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Speak Out: Women making art

By Sonia Stark
ART TIMES July 2015 online

I needed some buttons for a favorite old jacket that had lost a few. Where to go? A friend suggested I try a craft shop.

I have been a commercial designer all my adult life. I’ve dealt with art directors, gallery owners, I paint, I sculpt, I photograph, and I do not do “crafts”. But, I loved this jacket, it asked for buttons, so, off I went to the craft store.

There they were: women, everywhere excitedly checking out clay, thread, wood, paint, fabric, twisted vines, flowers, hundreds and hundreds of items that I would not know what to do with. But they did know. They were there to collect the material they needed for their next piece: padding for a patchwork blanket, thread for embroidery, a pot that needed painting and then filled with flowers. Their energy and enthusiasm were amazing.

I browsed around this huge box store, found the button aisle, walked to the counter, paid my bill and left, thinking.

I realized what these women were so excited about. They were going to create the “art” for their personal world. They were in the process of creating not for an installation meant for a museum or gallery but for the environments that their families were to live in. This was to be treasured by families and friends, not by the critics living outside of the immediate environs.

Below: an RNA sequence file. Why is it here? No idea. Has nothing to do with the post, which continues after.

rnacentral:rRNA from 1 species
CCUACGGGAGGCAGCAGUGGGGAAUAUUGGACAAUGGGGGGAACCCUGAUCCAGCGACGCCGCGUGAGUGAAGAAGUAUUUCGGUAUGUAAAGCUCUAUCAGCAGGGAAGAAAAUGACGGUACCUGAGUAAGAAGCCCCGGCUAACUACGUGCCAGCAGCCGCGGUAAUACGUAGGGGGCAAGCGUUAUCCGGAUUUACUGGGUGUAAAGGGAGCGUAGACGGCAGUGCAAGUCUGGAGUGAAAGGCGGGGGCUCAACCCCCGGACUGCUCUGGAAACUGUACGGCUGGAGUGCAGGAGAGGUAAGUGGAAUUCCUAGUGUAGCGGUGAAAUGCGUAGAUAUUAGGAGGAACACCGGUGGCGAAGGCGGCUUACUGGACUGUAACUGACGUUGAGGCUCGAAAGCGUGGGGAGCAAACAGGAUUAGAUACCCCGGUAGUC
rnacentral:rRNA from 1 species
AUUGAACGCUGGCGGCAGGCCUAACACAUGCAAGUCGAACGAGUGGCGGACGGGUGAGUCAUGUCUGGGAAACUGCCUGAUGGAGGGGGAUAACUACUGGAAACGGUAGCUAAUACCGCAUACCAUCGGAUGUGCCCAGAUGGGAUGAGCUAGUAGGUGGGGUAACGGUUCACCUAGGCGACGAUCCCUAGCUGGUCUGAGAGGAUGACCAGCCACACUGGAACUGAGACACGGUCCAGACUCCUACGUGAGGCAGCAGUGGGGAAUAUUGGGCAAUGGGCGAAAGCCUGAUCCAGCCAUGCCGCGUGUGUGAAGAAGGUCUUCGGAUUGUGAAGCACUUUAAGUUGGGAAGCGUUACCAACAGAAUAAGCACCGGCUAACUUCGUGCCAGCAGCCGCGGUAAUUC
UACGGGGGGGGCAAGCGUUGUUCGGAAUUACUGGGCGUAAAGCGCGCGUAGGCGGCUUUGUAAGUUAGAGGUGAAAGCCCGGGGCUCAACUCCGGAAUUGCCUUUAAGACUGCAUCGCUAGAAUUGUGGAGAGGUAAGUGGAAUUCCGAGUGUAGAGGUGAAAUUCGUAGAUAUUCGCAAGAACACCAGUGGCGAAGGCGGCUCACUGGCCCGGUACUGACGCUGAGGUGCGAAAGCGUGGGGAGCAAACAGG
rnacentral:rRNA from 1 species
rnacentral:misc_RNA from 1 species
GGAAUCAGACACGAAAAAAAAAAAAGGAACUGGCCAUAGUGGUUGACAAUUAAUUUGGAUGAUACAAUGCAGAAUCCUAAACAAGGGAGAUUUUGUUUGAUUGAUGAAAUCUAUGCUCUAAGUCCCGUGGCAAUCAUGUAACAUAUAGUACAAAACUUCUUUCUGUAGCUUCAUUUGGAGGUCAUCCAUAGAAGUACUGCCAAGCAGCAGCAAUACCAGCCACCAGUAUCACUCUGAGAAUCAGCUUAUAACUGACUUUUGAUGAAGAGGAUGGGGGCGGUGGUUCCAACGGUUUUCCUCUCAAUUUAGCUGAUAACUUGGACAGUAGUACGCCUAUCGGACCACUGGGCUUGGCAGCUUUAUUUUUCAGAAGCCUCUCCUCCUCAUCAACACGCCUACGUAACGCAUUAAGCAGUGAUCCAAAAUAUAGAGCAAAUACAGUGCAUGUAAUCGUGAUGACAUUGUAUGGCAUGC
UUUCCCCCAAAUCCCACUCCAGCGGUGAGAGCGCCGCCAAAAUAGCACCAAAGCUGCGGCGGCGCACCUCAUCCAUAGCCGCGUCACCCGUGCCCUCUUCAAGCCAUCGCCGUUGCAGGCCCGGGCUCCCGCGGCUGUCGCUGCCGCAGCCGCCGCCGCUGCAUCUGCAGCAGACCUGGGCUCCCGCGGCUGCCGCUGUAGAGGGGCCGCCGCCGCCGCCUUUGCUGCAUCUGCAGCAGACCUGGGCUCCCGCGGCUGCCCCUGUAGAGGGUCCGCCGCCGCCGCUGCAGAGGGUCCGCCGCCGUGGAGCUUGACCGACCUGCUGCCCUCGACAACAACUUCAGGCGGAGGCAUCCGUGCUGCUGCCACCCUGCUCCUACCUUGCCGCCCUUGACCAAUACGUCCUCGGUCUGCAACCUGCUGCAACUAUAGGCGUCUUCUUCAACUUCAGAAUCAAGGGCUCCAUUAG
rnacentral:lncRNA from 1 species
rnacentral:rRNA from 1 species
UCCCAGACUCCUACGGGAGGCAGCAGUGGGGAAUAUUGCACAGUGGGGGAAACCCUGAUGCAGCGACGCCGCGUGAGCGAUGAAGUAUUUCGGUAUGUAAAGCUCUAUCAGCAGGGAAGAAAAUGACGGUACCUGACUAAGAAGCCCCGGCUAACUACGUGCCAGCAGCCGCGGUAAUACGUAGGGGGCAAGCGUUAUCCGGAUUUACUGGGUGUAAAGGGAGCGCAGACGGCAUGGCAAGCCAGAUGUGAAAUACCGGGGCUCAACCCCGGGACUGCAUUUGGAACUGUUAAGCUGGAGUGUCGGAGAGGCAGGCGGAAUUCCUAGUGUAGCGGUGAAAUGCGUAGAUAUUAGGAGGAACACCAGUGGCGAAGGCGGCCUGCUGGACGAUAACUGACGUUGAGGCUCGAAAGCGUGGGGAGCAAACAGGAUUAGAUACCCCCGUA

We keep asking the same question over and over, where are the great women artists? Why have there been so few? Well there haven’t been so few. There have been many.

We all know why we haven't heard of them. They have been left out of the history. Then there are other answers, other realities, women bear the children; over the centuries education was not available. Women rose to great heights only when there was family to encourage them and funds to enable the development of their “craft” and of course, the art world has always been and still is a men’s club. All of this is true, and yet women have always been creating art. They have always been enhancing the world around them. In every culture, throughout history. We find drawings on the walls of caves, designs on the walls of African huts, tapestries for the palaces, designs for fabrics, and let’s not forget the English aunts’ watercolors.

I do understand that when we speak of “art” there is another level to be aimed for, one that reaches outside the immediate. Many women have reached that pinnacle and produced great masterpieces, but let’s not forget the more personal form, the work that reaches out simply and without hubris. This is the art that surrounds us and enriches our everyday lives.

(Sonia Stark lives in and is an award winning designer, painter, photographer, currently on the board of the National Association of Women Artists, Inc.

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